In a new CIS report, Kirsten Storry* outlines the low levels of english literacy among Indigenous Australians, especially in remote communities, and suggests some policy reforms. Among her findings:
* Literacy levels among children and adults in remote communities are seriously low. Nationally in 2004, 83% of Aboriginal students and 93% of students overall in Year 3 achieved the literacy benchmark for their year. But Northern Territory data tells us that only 20% of Aboriginal students in remote communities in the Northern Territory achieved the benchmark.
* Addressing these low literacy levels can improve parentsâ€™ self-reliance, childrenâ€™s education and health, and the implementation of government programmes in areas such as health and governance.
* The good news is that the community and private sectors are already involved in literacy in remote Aboriginal communities. What is lacking is readily-available information about these projects and rigorous evaluation.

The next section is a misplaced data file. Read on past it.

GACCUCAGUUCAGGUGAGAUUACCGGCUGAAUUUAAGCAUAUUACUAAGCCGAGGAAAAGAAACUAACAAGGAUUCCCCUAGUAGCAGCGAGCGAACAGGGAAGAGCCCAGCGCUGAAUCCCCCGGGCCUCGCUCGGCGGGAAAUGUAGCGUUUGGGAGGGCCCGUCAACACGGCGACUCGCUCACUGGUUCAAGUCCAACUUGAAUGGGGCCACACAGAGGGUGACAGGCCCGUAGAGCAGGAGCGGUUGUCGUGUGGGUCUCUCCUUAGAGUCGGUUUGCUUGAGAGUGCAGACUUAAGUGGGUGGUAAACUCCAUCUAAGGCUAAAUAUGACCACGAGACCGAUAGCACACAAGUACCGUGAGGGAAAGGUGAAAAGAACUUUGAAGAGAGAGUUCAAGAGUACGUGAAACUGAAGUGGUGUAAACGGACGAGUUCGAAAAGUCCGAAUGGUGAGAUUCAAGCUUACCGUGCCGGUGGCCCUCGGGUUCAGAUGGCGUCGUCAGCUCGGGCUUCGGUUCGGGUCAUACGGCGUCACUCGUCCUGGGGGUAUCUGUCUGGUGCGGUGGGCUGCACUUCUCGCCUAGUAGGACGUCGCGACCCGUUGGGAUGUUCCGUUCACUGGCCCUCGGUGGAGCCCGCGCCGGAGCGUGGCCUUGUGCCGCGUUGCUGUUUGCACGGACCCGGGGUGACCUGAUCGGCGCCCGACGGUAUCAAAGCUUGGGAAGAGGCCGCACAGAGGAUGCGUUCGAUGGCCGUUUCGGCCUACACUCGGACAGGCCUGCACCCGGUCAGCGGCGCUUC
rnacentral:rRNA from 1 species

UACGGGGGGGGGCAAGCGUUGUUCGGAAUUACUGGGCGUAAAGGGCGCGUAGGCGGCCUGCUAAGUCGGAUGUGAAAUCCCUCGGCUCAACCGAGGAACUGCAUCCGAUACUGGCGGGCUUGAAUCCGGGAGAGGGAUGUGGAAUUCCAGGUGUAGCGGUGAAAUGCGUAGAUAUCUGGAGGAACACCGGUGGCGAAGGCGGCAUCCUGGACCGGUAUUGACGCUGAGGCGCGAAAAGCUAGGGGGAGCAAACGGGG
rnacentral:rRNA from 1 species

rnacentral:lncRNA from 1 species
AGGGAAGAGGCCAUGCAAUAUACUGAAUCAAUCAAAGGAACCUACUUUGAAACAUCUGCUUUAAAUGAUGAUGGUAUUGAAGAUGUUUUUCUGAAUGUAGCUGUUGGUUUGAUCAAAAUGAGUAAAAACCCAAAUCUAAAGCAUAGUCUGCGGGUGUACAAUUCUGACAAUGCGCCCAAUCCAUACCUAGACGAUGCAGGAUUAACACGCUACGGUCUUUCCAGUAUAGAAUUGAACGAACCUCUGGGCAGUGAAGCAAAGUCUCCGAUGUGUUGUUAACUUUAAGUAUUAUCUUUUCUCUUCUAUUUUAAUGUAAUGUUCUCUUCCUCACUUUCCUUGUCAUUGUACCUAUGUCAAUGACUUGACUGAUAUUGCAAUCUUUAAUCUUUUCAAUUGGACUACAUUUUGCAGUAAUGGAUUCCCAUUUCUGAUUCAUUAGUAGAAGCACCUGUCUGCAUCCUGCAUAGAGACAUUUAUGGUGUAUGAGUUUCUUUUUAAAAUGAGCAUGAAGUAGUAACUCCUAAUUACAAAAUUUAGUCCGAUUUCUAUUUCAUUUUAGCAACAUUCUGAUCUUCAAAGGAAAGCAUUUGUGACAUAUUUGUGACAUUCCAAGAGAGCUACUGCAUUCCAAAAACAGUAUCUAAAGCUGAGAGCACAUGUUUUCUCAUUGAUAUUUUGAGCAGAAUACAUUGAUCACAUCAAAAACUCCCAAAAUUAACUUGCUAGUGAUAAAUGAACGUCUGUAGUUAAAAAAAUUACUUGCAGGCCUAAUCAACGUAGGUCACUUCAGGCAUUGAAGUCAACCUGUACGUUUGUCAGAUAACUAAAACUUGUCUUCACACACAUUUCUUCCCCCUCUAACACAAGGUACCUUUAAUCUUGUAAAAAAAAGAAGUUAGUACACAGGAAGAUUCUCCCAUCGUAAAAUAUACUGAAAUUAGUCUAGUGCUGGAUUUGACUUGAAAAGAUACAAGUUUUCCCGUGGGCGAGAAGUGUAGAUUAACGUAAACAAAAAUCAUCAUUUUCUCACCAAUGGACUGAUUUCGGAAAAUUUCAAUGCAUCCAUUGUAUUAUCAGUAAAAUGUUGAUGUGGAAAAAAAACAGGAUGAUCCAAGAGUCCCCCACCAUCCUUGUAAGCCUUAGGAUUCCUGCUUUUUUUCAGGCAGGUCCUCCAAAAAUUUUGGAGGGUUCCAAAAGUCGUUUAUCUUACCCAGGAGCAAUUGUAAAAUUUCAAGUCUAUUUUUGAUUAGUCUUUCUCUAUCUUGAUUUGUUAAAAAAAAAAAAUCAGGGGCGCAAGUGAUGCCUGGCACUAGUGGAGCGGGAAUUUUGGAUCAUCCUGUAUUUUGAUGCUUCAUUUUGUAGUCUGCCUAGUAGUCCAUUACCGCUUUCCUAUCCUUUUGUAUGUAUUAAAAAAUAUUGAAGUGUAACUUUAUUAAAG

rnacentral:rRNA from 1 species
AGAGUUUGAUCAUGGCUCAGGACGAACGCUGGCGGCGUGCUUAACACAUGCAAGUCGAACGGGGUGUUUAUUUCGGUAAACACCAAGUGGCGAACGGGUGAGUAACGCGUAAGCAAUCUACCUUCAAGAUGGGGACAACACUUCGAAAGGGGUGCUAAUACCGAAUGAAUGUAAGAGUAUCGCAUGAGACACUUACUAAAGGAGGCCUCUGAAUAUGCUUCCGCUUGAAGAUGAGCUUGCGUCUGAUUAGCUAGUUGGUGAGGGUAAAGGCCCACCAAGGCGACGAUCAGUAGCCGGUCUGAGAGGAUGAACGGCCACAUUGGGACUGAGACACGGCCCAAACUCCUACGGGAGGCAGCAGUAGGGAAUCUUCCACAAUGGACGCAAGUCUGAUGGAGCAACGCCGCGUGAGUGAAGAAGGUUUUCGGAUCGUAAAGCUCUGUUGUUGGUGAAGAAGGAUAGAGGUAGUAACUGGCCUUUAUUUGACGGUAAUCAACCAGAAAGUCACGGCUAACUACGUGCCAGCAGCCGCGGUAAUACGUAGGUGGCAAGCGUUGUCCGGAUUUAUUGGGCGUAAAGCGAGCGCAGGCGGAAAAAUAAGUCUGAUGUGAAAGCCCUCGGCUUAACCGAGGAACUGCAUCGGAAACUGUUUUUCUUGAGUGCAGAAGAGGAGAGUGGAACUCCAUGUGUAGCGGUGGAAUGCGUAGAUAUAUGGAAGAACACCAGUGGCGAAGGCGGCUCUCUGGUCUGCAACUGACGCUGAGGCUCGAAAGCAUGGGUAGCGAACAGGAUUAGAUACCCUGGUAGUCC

* Public debate on literacy generallyâ€”as well as debate on Aboriginal educationâ€”would be enriched by more comprehensive reporting on literacy levels. More comprehensive and disaggregated reporting on literacy levels would allow resources to be more efficiently directed to where they are most needed.
Amen to evaluation and reporting, though it would be nice to have empirical evidence on the extent to whichÂ english literacy affects life chances (as distinct from literacy in Indigenous languages, which isn’t mentioned in the report). And if we really want to know what works, why don’t we put up money for some randomised trials?
I’m doing some work this year with a colleague on differences in cognitive abilities of Indigenous and non-Indigenous children at very young ages (3-4). I’ll report back in due course on what we find.
* Disclosure: Kirsten was in my policy economics course last year. I’d have to check, but I’m pretty sure she topped it.